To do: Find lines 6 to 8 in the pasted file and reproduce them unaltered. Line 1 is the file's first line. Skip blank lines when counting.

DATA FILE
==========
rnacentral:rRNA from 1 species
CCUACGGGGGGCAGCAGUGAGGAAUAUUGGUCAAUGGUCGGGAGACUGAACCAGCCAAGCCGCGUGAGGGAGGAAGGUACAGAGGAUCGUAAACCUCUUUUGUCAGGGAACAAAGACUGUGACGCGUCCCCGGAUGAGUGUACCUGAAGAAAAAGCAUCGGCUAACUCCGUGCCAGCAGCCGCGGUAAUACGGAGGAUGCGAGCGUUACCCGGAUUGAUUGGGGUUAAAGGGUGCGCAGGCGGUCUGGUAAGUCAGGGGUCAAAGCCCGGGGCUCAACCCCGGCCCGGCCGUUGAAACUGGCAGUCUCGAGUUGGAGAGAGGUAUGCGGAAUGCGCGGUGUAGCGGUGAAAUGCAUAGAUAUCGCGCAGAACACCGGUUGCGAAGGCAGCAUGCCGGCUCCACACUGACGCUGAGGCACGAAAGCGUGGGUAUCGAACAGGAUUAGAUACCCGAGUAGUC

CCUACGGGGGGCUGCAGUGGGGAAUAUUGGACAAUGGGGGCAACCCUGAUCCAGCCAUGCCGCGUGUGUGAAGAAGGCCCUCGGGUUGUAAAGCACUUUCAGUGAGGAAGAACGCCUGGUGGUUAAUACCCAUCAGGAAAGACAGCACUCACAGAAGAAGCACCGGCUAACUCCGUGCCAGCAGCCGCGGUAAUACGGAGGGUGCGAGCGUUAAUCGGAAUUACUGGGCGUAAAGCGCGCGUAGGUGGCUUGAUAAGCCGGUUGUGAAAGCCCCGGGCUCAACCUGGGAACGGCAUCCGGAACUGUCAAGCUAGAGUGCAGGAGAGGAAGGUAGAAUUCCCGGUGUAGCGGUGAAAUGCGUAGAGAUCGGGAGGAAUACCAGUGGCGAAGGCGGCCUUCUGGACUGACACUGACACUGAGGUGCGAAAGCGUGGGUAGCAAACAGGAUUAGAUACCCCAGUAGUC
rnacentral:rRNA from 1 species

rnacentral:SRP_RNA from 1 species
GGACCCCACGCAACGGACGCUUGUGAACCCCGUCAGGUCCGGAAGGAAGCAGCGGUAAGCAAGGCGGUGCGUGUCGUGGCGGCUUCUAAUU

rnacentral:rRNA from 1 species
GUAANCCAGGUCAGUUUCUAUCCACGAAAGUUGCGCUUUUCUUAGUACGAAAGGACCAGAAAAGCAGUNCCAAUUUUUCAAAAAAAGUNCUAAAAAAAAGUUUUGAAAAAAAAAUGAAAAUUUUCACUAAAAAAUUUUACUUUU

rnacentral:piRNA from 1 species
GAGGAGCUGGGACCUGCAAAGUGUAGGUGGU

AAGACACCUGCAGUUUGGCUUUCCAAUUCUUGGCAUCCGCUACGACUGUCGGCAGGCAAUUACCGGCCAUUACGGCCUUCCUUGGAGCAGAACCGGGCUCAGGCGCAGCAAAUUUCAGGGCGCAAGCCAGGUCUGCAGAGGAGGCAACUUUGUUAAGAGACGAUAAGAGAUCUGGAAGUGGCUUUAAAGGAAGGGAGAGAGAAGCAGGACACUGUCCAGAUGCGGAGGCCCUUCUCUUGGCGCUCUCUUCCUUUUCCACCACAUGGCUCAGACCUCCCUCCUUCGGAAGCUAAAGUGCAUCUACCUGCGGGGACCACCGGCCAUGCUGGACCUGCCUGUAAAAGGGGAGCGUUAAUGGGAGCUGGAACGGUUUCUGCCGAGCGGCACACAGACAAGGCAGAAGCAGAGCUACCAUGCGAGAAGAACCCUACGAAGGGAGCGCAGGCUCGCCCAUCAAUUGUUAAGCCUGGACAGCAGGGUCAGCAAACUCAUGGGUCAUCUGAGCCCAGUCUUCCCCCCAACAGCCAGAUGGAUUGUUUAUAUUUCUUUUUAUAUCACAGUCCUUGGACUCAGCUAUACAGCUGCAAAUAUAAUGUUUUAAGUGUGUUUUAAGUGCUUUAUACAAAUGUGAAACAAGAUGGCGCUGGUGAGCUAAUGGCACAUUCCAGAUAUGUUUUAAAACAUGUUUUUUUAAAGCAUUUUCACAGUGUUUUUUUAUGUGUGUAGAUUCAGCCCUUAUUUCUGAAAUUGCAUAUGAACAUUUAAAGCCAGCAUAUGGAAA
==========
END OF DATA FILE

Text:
GGACCCCACGCAACGGACGCUUGUGAACCCCGUCAGGUCCGGAAGGAAGCAGCGGUAAGCAAGGCGGUGCGUGUCGUGGCGGCUUCUAAUU

rnacentral:rRNA from 1 species
GUAANCCAGGUCAGUUUCUAUCCACGAAAGUUGCGCUUUUCUUAGUACGAAAGGACCAGAAAAGCAGUNCCAAUUUUUCAAAAAAAGUNCUAAAAAAAAGUUUUGAAAAAAAAAUGAAAAUUUUCACUAAAAAAUUUUACUUUU